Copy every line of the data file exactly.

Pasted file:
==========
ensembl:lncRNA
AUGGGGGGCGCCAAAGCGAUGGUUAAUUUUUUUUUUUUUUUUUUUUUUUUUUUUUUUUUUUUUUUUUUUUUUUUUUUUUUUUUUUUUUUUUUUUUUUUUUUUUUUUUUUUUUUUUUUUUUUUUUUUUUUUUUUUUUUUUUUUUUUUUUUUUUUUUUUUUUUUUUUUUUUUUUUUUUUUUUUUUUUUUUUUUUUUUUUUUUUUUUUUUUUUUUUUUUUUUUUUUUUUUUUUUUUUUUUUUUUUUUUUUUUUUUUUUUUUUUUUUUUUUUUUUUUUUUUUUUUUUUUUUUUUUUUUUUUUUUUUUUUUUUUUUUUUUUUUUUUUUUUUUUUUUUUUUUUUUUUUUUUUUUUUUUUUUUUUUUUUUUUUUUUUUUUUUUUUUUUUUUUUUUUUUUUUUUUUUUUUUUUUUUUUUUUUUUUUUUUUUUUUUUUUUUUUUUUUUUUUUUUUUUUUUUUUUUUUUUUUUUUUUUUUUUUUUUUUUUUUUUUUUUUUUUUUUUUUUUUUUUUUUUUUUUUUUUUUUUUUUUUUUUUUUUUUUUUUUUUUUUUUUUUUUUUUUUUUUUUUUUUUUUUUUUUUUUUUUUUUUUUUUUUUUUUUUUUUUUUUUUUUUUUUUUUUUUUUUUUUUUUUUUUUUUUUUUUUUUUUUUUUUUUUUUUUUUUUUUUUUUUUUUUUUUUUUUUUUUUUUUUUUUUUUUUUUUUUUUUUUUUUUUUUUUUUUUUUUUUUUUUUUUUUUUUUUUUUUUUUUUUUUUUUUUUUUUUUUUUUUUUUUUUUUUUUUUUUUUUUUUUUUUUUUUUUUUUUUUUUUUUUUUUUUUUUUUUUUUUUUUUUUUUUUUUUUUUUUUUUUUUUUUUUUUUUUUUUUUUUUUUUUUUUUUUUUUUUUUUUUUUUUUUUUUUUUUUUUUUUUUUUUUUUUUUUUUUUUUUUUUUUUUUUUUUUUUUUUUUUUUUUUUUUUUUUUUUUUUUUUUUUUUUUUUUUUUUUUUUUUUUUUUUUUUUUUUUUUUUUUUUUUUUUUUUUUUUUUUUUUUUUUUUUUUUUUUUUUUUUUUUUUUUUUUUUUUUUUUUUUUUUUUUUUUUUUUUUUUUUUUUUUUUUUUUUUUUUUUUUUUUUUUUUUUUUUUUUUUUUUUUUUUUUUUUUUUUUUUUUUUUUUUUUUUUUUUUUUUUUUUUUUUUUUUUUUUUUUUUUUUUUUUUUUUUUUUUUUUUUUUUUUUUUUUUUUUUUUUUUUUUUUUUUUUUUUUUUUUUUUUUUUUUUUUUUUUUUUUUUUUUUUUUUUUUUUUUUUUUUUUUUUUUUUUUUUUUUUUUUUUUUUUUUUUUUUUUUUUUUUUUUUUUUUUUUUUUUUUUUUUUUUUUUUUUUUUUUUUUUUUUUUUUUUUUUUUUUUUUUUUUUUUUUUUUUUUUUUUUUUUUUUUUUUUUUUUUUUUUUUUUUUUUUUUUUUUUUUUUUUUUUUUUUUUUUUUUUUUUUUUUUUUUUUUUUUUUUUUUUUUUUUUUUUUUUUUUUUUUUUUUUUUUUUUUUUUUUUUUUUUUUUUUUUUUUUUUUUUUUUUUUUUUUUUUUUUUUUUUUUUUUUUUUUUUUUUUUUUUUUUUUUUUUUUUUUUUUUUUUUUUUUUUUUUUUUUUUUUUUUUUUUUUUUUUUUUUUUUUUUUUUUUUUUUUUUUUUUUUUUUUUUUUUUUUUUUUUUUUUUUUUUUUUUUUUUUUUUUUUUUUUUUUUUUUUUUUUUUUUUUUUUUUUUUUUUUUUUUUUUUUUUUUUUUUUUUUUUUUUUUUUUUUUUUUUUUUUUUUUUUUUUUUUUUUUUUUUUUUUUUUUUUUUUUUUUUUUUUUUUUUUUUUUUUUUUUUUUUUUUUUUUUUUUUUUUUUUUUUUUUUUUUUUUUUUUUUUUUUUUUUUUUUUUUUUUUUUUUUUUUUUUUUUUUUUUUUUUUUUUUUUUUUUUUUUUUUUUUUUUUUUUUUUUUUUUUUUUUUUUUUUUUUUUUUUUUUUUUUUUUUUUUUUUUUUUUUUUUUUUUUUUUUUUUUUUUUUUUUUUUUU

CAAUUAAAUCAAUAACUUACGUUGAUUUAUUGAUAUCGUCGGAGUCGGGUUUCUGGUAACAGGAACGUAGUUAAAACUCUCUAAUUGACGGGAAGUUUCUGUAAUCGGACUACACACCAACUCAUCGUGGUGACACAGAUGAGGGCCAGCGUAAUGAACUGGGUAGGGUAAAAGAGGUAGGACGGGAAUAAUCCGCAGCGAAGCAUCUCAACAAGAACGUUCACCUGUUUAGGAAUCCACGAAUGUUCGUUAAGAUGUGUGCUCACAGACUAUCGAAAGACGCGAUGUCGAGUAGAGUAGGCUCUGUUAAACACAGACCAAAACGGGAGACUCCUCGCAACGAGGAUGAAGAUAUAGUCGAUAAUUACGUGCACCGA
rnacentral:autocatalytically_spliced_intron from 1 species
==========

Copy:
ensembl:lncRNA
AUGGGGGGCGCCAAAGCGAUGGUUAAUUUUUUUUUUUUUUUUUUUUUUUUUUUUUUUUUUUUUUUUUUUUUUUUUUUUUUUUUUUUUUUUUUUUUUUUUUUUUUUUUUUUUUUUUUUUUUUUUUUUUUUUUUUUUUUUUUUUUUUUUUUUUUUUUUUUUUUUUUUUUUUUUUUUUUUUUUUUUUUUUUUUUUUUUUUUUUUUUUUUUUUUUUUUUUUUUUUUUUUUUUUUUUUUUUUUUUUUUUUUUUUUUUUUUUUUUUUUUUUUUUUUUUUUUUUUUUUUUUUUUUUUUUUUUUUUUUUUUUUUUUUUUUUUUUUUUUUUUUUUUUUUUUUUUUUUUUUUUUUUUUUUUUUUUUUUUUUUUUUUUUUUUUUUUUUUUUUUUUUUUUUUUUUUUUUUUUUUUUUUUUUUUUUUUUUUUUUUUUUUUUUUUUUUUUUUUUUUUUUUUUUUUUUUUUUUUUUUUUUUUUUUUUUUUUUUUUUUUUUUUUUUUUUUUUUUUUUUUUUUUUUUUUUUUUUUUUUUUUUUUUUUUUUUUUUUUUUUUUUUUUUUUUUUUUUUUUUUUUUUUUUUUUUUUUUUUUUUUUUUUUUUUUUUUUUUUUUUUUUUUUUUUUUUUUUUUUUUUUUUUUUUUUUUUUUUUUUUUUUUUUUUUUUUUUUUUUUUUUUUUUUUUUUUUUUUUUUUUUUUUUUUUUUUUUUUUUUUUUUUUUUUUUUUUUUUUUUUUUUUUUUUUUUUUUUUUUUUUUUUUUUUUUUUUUUUUUUUUUUUUUUUUUUUUUUUUUUUUUUUUUUUUUUUUUUUUUUUUUUUUUUUUUUUUUUUUUUUUUUUUUUUUUUUUUUUUUUUUUUUUUUUUUUUUUUUUUUUUUUUUUUUUUUUUUUUUUUUUUUUUUUUUUUUUUUUUUUUUUUUUUUUUUUUUUUUUUUUUUUUUUUUUUUUUUUUUUUUUUUUUUUUUUUUUUUUUUUUUUUUUUUUUUUUUUUUUUUUUUUUUUUUUUUUUUUUUUUUUUUUUUUUUUUUUUUUUUUUUUUUUUUUUUUUUUUUUUUUUUUUUUUUUUUUUUUUUUUUUUUUUUUUUUUUUUUUUUUUUUUUUUUUUUUUUUUUUUUUUUUUUUUUUUUUUUUUUUUUUUUUUUUUUUUUUUUUUUUUUUUUUUUUUUUUUUUUUUUUUUUUUUUUUUUUUUUUUUUUUUUUUUUUUUUUUUUUUUUUUUUUUUUUUUUUUUUUUUUUUUUUUUUUUUUUUUUUUUUUUUUUUUUUUUUUUUUUUUUUUUUUUUUUUUUUUUUUUUUUUUUUUUUUUUUUUUUUUUUUUUUUUUUUUUUUUUUUUUUUUUUUUUUUUUUUUUUUUUUUUUUUUUUUUUUUUUUUUUUUUUUUUUUUUUUUUUUUUUUUUUUUUUUUUUUUUUUUUUUUUUUUUUUUUUUUUUUUUUUUUUUUUUUUUUUUUUUUUUUUUUUUUUUUUUUUUUUUUUUUUUUUUUUUUUUUUUUUUUUUUUUUUUUUUUUUUUUUUUUUUUUUUUUUUUUUUUUUUUUUUUUUUUUUUUUUUUUUUUUUUUUUUUUUUUUUUUUUUUUUUUUUUUUUUUUUUUUUUUUUUUUUUUUUUUUUUUUUUUUUUUUUUUUUUUUUUUUUUUUUUUUUUUUUUUUUUUUUUUUUUUUUUUUUUUUUUUUUUUUUUUUUUUUUUUUUUUUUUUUUUUUUUUUUUUUUUUUUUUUUUUUUUUUUUUUUUUUUUUUUUUUUUUUUUUUUUUUUUUUUUUUUUUUUUUUUUUUUUUUUUUUUUUUUUUUUUUUUUUUUUUUUUUUUUUUUUUUUUUUUUUUUUUUUUUUUUUUUUUUUUUUUUUUUUUUUUUUUUUUUUUUUUUUUUUUUUUUUUUUUUUUUUUUUUUUUUUUUUUUUUUUUUUUUUUUUUUUUUUUUUUUUUUUUUUUUUUUUUUUUUUUUUUUUUUUUUUUUUUUUUUUUUUUUUUUUUUUUUUUUUUUUUUUUUUUUUUUUUUUUUUUUUUUUUUUUUUUUUUUUUUUUUUUUUUUUUUUUUUUUUUUU

CAAUUAAAUCAAUAACUUACGUUGAUUUAUUGAUAUCGUCGGAGUCGGGUUUCUGGUAACAGGAACGUAGUUAAAACUCUCUAAUUGACGGGAAGUUUCUGUAAUCGGACUACACACCAACUCAUCGUGGUGACACAGAUGAGGGCCAGCGUAAUGAACUGGGUAGGGUAAAAGAGGUAGGACGGGAAUAAUCCGCAGCGAAGCAUCUCAACAAGAACGUUCACCUGUUUAGGAAUCCACGAAUGUUCGUUAAGAUGUGUGCUCACAGACUAUCGAAAGACGCGAUGUCGAGUAGAGUAGGCUCUGUUAAACACAGACCAAAACGGGAGACUCCUCGCAACGAGGAUGAAGAUAUAGUCGAUAAUUACGUGCACCGA
rnacentral:autocatalytically_spliced_intron from 1 species